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Time sanctified

April 11, 2013

What is the essence of any blog, if not observation and writing? I have just finished Katherine Swift’s wonderful book ‘The Morville Hours’, a treasury of history, geology, horticulture, memoir and other gems. Of her many thought-provoking observations, two in particular stand out for me as I struggle to make something of my life Dancing Beastie. Firstly, on writing:

‘It’s a quiet sort of heroism, the making and keeping of books. You don’t get medals for sitting in the library each day, scratching away, writing it all down. Still less for dusting the shelves. But it is what civilisation is made of: the collective memory, passed on, passed down.’

And secondly, on nature – specifically, her garden – and the importance of really looking.

‘The concept of time being sanctified by use is fundamental to the [monastic] Hours: to waste it is to waste our most precious asset, time upon this earth. This does not mean we should everlastingly be working in our gardens. Simply sitting and enjoying the garden is not doing nothing: it is the attentiveness of which the Hours speak. To watch time passing, noting the changes month by month, day by day, hour by hour – to live, as Thoreau said, deliberately – is a sort of sanctification in itself. It is Indifference which is the real sin.’

Exactly.

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You might enjoy ‘They say that life’s the thing…but I prefer books’.

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16 Comments leave one →
  1. April 11, 2013 12:24 am

    “It’s a quiet sort of heroism, the making and keeping of books.”
    “what civilisation is made of: the collective memory, passed on, passed down.’
    I think I must read this book. These lines are so true.
    And those lines about hours being “our most precious asset” – sounds like my grandmother.
    Sometimes it is a struggle to sort things out. Books can be a lifeline as well as a guide.
    Thanks for spotting this one

    • April 14, 2013 12:12 am

      A good book can be a good friend; a guide and a lifeline, as you say. I think you would appreciate this one.

  2. April 11, 2013 8:09 am

    I would have to re-read it to be sure that it was justified, but when I read The Morville Hours a couple of years ago the overwhelming impression I had was of an emptiness in the author’s life. It was very strange – there were the surface level ‘beautiful sayings’, as you’ve quoted, but then underneath I kept coming up against sadness, or a void of some sort. I will let you know what my re-reading turns up!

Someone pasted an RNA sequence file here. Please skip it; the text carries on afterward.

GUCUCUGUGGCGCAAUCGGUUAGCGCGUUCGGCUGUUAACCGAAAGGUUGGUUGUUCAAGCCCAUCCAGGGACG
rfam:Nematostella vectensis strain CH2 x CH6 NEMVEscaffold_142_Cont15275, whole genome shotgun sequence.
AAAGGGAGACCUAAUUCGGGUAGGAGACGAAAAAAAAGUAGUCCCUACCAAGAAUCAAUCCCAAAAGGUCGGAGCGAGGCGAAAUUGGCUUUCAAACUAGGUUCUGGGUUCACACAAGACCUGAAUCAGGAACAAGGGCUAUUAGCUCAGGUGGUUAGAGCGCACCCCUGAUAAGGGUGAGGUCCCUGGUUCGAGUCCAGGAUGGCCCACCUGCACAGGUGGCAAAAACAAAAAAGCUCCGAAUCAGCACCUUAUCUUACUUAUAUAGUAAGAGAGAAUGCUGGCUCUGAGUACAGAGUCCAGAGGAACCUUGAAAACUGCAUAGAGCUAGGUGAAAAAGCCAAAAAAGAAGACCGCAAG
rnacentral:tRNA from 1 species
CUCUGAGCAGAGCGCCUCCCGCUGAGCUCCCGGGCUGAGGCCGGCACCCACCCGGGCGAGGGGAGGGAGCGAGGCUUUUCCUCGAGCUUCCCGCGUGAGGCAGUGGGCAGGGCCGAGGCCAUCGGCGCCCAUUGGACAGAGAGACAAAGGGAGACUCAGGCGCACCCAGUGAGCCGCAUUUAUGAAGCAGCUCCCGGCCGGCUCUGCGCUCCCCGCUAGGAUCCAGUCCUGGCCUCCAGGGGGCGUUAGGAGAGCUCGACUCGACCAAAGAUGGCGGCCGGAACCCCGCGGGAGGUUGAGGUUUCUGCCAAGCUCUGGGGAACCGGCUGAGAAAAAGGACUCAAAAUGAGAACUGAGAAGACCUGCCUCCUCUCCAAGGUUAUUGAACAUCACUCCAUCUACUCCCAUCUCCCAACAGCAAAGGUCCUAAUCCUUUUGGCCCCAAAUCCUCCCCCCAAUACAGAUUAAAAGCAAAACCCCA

• April 14, 2013 12:14 am

      Yes, I sensed that too. Well, there are worse things to do with a void than to try to fill it up with beauty.

  3. April 11, 2013 3:14 pm

    Beautiful simplicity. I want to read this book! Writing and nature and spiritual mindfulness – my three favorite topics! Which, I suppose, is why I love your blog.

    • April 14, 2013 12:15 am

      Aw, thank you, Melanie. You would certainly get something from this book, I think.

  4. April 12, 2013 12:52 pm

    So very true! That is a lesson we all should learn.

  5. April 12, 2013 7:17 pm

    I so agree. It’s what the books on spiritual life call being recollected – living with awareness, even if not doing anything exciting or special. The ‘sacrament of the present moment’ as De Caussade put it.

    • April 14, 2013 12:19 am

      What lovely ways of expressing this thought. It’s something that I have always instinctively felt is terribly important, but have not been able to articulate nearly so well.

  6. April 13, 2013 8:55 pm

    A thought provoking post…. I try to live “with awareness” or at least “in the moment” – but sometimes I get caught up in busyness and miss the joy that is the essence of that one unique moment in time…

    • April 14, 2013 12:23 am

      Oh, I think we all do: do try, and do sometimes get caught up and miss it, that is. Another author put it in a way I’ve always enjoyed: ‘What is this life if, full of care, we have no time to stand and stare? No time to stand beneath the boughs, and stare as long as sheep and cows…’ (W.H.Davies) It’s a simple poem, but perhaps all the better for that.

      • April 14, 2013 12:48 pm

        Ohhh I remember that poem. My late father used to recite it often! Thank you for the re-emergence of that memory 🙂

  7. April 14, 2013 2:06 am

    Another lovely post! Your struggles with blogging eventuate in our joy. Thank you for taking time to stop and observe and appreciate . By reading your observations I add those thoughts to part of my day. The blog is always a joy to read and so different from my life.

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  1. Creating a mental bookshelf: an exercise for the aspiring writer. | Dancing Beastie

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